It’s a busy time of year here at PET-Xi – revision time! Schools all over the country are working hard to prepare their GCSE students for their forthcoming exams – success in which can be vital in terms of life chances. We are working in partnership with teachers and students all over the country – particularly to help students achieve a C in Maths and English at Year 11 as failure to do so immediately limits their choices and future potential.
But what about those pupils who are disaffected with education and struggling to revise and get to grips with their fast approaching examinations?
Our starting point is always to ensure pupils have mastered the basics. Maths in particular can be difficult because it is such a linear subject and those who have missed out on the fundamental points are often unable to follow enough of the subsequent lessons to engage. Sometimes a couple of days’ absence is enough to leave a significant gap in knowledge, but equally a session where young people have failed to grasp a concept can also leave them floundering in subsequent lessons.
When it comes to revision, the first thing to do is break the task down into manageable chunks. Yes teachers will have gone over the necessary skills to help them arrange and organise a revision programme – but that doesn’t mean they will have remembered!
We have to acknowledge that unfortunately some young people in modern Britain lead chaotic lives with difficulties in their domestic and social situations. These youngsters often suffer from a sense of bewilderment and simply don’t know where to start – they may have bigger issues to think about than their English and maths GCSEs, which simply won’t seem that important to them.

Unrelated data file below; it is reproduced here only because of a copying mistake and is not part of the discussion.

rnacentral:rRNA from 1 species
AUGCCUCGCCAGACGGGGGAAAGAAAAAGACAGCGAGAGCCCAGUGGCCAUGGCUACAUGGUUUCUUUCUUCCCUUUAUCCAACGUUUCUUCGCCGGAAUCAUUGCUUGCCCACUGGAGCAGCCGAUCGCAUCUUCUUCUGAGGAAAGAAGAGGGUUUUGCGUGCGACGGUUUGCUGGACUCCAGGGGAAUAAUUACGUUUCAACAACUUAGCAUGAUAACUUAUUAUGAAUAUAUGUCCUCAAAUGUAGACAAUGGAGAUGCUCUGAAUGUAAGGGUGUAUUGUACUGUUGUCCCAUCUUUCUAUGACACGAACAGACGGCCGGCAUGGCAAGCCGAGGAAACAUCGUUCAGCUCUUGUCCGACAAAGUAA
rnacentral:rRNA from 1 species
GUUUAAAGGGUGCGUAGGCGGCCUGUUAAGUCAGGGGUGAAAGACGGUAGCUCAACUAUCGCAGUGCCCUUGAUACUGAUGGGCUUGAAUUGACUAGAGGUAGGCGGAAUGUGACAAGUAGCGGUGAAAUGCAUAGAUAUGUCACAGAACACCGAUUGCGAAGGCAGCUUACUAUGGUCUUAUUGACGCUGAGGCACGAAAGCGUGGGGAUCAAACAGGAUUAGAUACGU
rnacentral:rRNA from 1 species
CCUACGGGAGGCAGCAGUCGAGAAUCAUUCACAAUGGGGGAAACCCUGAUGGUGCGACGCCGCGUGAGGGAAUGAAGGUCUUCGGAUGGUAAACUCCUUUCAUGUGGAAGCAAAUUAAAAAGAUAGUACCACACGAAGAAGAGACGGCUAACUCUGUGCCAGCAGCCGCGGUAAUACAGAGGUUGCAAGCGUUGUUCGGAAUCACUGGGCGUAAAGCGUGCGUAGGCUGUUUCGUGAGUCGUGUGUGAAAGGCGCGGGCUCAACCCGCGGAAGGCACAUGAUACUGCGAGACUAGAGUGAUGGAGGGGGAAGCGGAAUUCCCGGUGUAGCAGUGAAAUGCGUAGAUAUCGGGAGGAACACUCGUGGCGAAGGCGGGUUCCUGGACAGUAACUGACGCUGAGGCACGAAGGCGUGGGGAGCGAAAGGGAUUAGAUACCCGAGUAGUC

We always aim to break down any specific barriers that may stop a child revising or completing their homework – for example checking that they have an appropriate routine and quiet space available at home. We also help them spot other opportunities for revision, perhaps using dead time, like a bus ride to school each day to use flashcards they can make themselves and carry in their pockets.
One more vital, but frequently overlooked, factor is to help young learners develop resilience. A resilient child will be more successful in sticking at revision – realising that small failures are not a problem and that success is all about turning up and not giving up!
Peer support makes a difference too. Encourage pair or group work where one student has to work out possible answers, explain their reasoning, record it – perhaps as a teacher might do on an interactive whiteboard – and replay it. This has proved an excellent way of tapping into the skills of the whole class, as students offer suggestions or correct one another if they do not use the right mathematical language or are not sufficiently precise.
Finally, be sure to help learners maintain a sense of perspective so that exams don’t take over in a negative way – a holistic approach including good nutrition, exercise and even trips to the cinema and X-Box time are also essential elements of any good revision plan. Life is precious and every part must be enjoyed, rather than these teenage years becoming stressful and full of drudgery. Protecting and maintaining mental health is more important than any exam results.
By helping young learners to be clear about exactly what is expected of them, providing all the support that they need and focusing on breaking down their barriers, we can ensure they are as successful as possible in their all important exams this summer. It’s important to remain upbeat and lively – they will get through it!